4. The Deep End of the Ocean by Jacqueline Mitchard. I probably would have been eager to read this first novel by a writer whose work I had long enjoyed in Parenting magazine, where we both began publishing round 1990. We were contributing editors together, and even though we had never met, I had a sisterly feeling. Then, mere days after my aforementioned didn't-sell-a-single-copy appearance on Oprah, the irrepressible Ms. Winfrey announced her new book club -- with Mitchard's novel as the first pick. Deep End hit the bestseller list the following week at #1 and her publisher announced a second printing of 650,000. The next day, my editor at NPR called to tell me how great the book is. I guess if she can't get Knapp to replace me, Mitchard will do. I will not be reading this book any time soon.

5. Tales of Burning Love by Louise Erdrich. I was on my book tour the same time as Erdrich was, and found myself following her from city to city. Often we would be on the same radio or television program, and I would be interviewed in the three minutes left after her extended segment. Low attendance at a reading? Erdrich was signing across the street. To make matters worse, when I was finally introduced to her, she was perfectly lovely. As for the book, it's not her best, but die-hard fans will enjoy it.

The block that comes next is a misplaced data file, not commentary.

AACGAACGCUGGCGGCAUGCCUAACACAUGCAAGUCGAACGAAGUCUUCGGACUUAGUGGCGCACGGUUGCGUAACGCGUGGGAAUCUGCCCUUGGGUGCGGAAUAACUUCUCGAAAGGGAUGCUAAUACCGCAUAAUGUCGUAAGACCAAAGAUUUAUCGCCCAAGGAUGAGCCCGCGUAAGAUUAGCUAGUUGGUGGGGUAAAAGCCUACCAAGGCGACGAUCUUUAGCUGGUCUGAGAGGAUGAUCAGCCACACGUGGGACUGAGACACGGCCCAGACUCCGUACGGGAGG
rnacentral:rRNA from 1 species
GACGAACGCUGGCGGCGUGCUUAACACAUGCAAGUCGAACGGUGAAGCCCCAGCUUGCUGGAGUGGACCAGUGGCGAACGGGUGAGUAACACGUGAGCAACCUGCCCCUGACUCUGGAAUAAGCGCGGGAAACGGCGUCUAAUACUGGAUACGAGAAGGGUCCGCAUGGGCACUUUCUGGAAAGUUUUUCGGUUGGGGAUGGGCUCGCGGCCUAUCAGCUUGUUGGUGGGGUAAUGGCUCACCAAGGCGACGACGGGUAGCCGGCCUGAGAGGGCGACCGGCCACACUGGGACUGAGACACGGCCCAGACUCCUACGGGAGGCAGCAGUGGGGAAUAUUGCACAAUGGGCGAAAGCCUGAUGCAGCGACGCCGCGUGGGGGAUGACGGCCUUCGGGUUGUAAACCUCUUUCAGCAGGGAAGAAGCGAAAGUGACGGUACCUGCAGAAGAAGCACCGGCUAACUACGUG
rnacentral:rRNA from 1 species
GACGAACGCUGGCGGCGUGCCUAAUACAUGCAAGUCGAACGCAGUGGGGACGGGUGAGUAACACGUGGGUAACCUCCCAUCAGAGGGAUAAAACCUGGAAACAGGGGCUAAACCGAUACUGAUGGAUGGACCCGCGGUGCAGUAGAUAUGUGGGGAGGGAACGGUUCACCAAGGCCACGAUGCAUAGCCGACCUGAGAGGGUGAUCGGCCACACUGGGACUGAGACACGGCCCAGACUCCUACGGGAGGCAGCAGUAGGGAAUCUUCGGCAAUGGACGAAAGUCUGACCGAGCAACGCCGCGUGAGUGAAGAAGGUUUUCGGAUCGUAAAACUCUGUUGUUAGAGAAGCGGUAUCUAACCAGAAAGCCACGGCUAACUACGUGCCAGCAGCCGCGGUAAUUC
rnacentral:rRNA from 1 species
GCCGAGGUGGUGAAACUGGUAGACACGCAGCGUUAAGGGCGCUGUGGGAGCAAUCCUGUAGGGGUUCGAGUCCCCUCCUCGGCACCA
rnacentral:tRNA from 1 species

6. A Civil Action by Jonathan Harr. This is a tautly written, true story of a toxic waste lawsuit in Woburn, Massachusetts, and one of the first books that has kept me up reading till 3am in a long time. Even though it has camped out at #1 on the paperback nonfiction bestseller list, I have no sick feelings of jealousy - and probably never will unless it's still there when my own book comes out in paper this May.

7. Dave Barry's Complete Guide to Guys

8. Forever Erma by Erma Bombeck. These two books are much funnier than anything I could write in my wildest dreams.

Non-'96 winners include:

9 Another Country by James Baldwin

10 U & I by Nicholson Baker

Since these volumes were not published during the period of competition, I could read them with pure enjoyment and respect for the enormous talents of their authors. These are some damn fine books. (Sigh.)


Marion Winik, author of First Comes Love and Telling, is currently working on her new book.